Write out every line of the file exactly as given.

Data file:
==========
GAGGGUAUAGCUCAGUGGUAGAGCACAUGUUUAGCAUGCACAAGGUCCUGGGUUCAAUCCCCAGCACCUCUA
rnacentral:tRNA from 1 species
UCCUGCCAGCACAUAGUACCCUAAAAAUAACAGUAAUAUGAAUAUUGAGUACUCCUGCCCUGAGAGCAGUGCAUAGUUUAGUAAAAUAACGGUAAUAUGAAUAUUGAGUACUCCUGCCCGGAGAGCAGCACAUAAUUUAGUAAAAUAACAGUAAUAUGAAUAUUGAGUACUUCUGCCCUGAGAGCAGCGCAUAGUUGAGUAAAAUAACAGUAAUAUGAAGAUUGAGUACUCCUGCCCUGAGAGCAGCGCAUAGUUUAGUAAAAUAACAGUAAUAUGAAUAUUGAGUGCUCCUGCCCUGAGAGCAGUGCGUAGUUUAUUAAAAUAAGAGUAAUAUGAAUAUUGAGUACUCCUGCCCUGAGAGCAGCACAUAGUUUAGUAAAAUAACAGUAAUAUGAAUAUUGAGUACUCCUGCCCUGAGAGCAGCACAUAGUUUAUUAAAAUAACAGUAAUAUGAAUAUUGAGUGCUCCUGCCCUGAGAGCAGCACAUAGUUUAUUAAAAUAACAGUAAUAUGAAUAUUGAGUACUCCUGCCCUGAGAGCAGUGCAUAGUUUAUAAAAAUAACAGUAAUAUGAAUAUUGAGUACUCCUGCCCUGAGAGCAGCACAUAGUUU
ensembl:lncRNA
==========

GAGGGUAUAGCUCAGUGGUAGAGCACAUGUUUAGCAUGCACAAGGUCCUGGGUUCAAUCCCCAGCACCUCUA
rnacentral:tRNA from 1 species
UCCUGCCAGCACAUAGUACCCUAAAAAUAACAGUAAUAUGAAUAUUGAGUACUCCUGCCCUGAGAGCAGUGCAUAGUUUAGUAAAAUAACGGUAAUAUGAAUAUUGAGUACUCCUGCCCGGAGAGCAGCACAUAAUUUAGUAAAAUAACAGUAAUAUGAAUAUUGAGUACUUCUGCCCUGAGAGCAGCGCAUAGUUGAGUAAAAUAACAGUAAUAUGAAGAUUGAGUACUCCUGCCCUGAGAGCAGCGCAUAGUUUAGUAAAAUAACAGUAAUAUGAAUAUUGAGUGCUCCUGCCCUGAGAGCAGUGCGUAGUUUAUUAAAAUAAGAGUAAUAUGAAUAUUGAGUACUCCUGCCCUGAGAGCAGCACAUAGUUUAGUAAAAUAACAGUAAUAUGAAUAUUGAGUACUCCUGCCCUGAGAGCAGCACAUAGUUUAUUAAAAUAACAGUAAUAUGAAUAUUGAGUGCUCCUGCCCUGAGAGCAGCACAUAGUUUAUUAAAAUAACAGUAAUAUGAAUAUUGAGUACUCCUGCCCUGAGAGCAGUGCAUAGUUUAUAAAAAUAACAGUAAUAUGAAUAUUGAGUACUCCUGCCCUGAGAGCAGCACAUAGUUU
ensembl:lncRNA